- Paper Report
- Open Access
Tamoxifen, angiogenesis, oestrogens and animal models
- Valerie Speirs1
© Biomed Central Ltd 2001
- Published: 1 December 2001
- oestrogen receptor
Angiogenesis is the remodelling of existing vasculature either by formation of new blood vessels or regression of superfluous vessels. In normal adults there is relatively little angiogenesis, but it is well documented that neovascularisation is required for tumour growth beyond a critical size. The (ER) antagonist TAM is currently the first line therapy for treatment of hormone sensitive breast cancer. However, besides its anti-oestrogenic effects, TAM has also been shown to have anti-angiogenic properties. Although there has been much work on the former, the anti-angiogenic actions of TAM are not well understood.
This study set out to explore if the ER antagonist TAM has anti-angiogenic properties in three different in vivo angiogenesis assays.
Ovariectomised female Fischer 344 rats were treated with either continuous release placebo or TAM pellets (25 mg) for 72 h prior to the implantation of an ER negative rat fibrosarcoma. Rats were killed 10 days later and the tumours removed for immunohistochemical analysis of microvessel density. In a separate study, aortic rings were prepared from cannulated aortas of ovariectomised female rats and plated in Matrigel 12-well plates. Microvessel sprouting in response to tamoxifen (0.02 mM, 0.02 µM) or vehicle was scored. For the corneal pocket model, rats were randomised into placebo, estradiol (1.5 mg) or TAM (25 mg) for 72 h prior to implantation of a basic fibroblast growth factor pellet into the cornea. After 7 days, the eye was removed and the cornea examined for evidence of vascular sprouting.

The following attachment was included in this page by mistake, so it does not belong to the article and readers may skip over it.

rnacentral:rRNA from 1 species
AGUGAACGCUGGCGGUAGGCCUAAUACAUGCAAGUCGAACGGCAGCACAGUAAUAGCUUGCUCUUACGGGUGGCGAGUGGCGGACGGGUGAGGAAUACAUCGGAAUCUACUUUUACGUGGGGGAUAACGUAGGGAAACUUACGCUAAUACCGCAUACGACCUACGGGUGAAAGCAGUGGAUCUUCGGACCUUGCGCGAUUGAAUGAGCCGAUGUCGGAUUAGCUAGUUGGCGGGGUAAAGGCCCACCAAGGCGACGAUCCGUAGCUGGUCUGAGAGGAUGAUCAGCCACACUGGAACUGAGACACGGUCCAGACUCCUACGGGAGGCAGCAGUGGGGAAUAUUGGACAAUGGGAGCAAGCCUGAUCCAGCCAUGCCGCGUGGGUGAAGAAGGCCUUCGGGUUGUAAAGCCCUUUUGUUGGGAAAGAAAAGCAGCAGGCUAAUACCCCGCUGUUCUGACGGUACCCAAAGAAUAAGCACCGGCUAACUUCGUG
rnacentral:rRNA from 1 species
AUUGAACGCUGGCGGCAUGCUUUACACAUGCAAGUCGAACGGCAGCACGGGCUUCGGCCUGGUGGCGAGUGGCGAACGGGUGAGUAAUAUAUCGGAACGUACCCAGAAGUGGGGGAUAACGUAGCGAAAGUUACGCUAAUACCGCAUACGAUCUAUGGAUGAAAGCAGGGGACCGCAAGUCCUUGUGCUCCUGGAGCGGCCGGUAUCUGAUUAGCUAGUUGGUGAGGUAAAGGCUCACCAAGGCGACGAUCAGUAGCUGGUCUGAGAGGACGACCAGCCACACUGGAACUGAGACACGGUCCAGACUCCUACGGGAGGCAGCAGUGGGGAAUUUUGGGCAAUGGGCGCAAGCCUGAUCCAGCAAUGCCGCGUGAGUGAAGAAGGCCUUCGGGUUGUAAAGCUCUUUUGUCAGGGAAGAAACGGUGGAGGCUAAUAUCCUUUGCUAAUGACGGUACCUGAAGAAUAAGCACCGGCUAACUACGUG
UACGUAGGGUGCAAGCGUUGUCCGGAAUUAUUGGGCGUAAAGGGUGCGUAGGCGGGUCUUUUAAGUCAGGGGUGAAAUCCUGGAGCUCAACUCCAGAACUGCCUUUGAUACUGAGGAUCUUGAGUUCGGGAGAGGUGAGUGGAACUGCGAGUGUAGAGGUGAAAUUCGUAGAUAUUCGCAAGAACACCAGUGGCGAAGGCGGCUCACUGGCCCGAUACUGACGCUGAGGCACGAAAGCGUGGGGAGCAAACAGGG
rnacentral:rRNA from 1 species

Fibrosarcomas from TAM treated animals had significantly reduced vessel formation compared with controls. None of the tumours had immunohistochemically detectable ER or progesterone receptor. Similarily, TAM inhibited microvessel sprouting in the aortic ring model, irrespective of TAM concentration. In the corneal pocket model, TAM treated animals had significantly decreased vascularity and vessel length in comparison to the control or oestradiol-treated groups.
Using three different animal models, this study confirms that TAM is a potent anti-angiogenic agent. Its action would appear to be independent of ER and suggests a possible contributory mechanism by which TAM reduces the degree of angiogenesis in addition to its well documented anti-oestrogenic role. These dual effects have important implications for breast cancer treatment particularly in those patients with ER negative disease.